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Former top prosecutor facing misconduct charges from the Virginia State Bar after CBS 6 investigation

‘Community revulsion’ leads to ouster of top county prosecutor
Posted at 11:19 AM, May 20, 2020
and last updated 2020-05-20 17:42:14-04

LANCASTER COUNTY, Va. -- The subject of a CBS 6 investigation is facing misconduct charges from the Virginia State Bar for his handling of an alcohol-fueled boating crash case that left a young man dead.

Former Lancaster County Commonwealth's Attorney Jan Smith lost re-election in November in a landslide and his law license is now in peril.

The Virginia State Bar Disciplinary Board will hear ethics charges brought against him.

Smith was the subject of a CBS 6 investigation into his handling of the case of a Richmond man charged in the boating death of his friend Graham McCormick.

‘Community revulsion’ leads to ouster of top county prosecutor

Investigators said Graham McCormick was thrown out of a boat and left for dead by his friend, Rand Hooper, in August of 2017.

Smith offered Hooper a controversial plea agreement: one year behind bars in exchange for a guilty plea.

But, McCormick's family spoke out against Smith stating the plea was not harsh enough, and they even tried to get him removed from their case.

McCormick's father Burke McCormick, and Chip Woodson, the man who owns the property where McCormick's body was found, both claimed Smith demonstrated a breach of legal ethics during the case.

They alleged that Smith misrepresented that he had discussed the case with the judge, and that the judge had expressed doubts as to whether the Commonwealth could prove its case.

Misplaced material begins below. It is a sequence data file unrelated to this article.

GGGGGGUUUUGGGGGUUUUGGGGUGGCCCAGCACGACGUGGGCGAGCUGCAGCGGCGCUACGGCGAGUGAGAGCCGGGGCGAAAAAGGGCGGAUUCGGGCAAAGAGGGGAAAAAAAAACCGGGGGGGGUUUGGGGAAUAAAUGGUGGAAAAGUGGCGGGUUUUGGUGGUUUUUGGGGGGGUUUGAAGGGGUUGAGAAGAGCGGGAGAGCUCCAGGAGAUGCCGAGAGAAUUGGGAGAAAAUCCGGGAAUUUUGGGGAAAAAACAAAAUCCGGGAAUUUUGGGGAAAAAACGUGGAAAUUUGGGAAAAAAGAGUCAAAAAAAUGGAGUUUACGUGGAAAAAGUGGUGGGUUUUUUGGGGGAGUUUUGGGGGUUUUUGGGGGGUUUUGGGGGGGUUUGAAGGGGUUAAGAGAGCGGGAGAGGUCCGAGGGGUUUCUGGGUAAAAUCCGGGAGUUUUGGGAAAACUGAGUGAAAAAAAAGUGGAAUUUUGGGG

According to documents filed by the VSB, Smith had a "brief discussion with the judge" on June 9th about the case.

Smith "generally discussed Respondent's motivations for entering into the plea agreement and the judge made a non-committal statement regarding the difficulty the Commonwealth faces in prosecuting cases."

Smith then talked to Woodson and Burke McCormick and, according to the documents, "misrepresented that he had discussed the case with the judge and that the judge had expressed doubts as to whether the Commonwealth could prove its case."

A subcommittee of the state bar found those actions to violate the rules of professional conduct.

Judge Herbert Hewitt ultimately threw out the plea agreement negotiated between defense attorneys representing Hooper and Smith, calling it "inappropriate" for the crime.

Burke McCormick released a statement on the behalf of the McCormick family after learning of the charges against Smith.

“Our family is very grateful that the Bar is investigating Mr. Smith’s conduct in the Hooper case. The delay in getting justice for Graham has compounded our grief and prevented us from getting closure. And, this has affected not only our immediate family, but many others impacted by Graham’s death.”

Smith has 21 days to respond to the allegations.

No hearing date has been set.

A hearing in the Hooper case was rescheduled for September 10 at 2 p.m.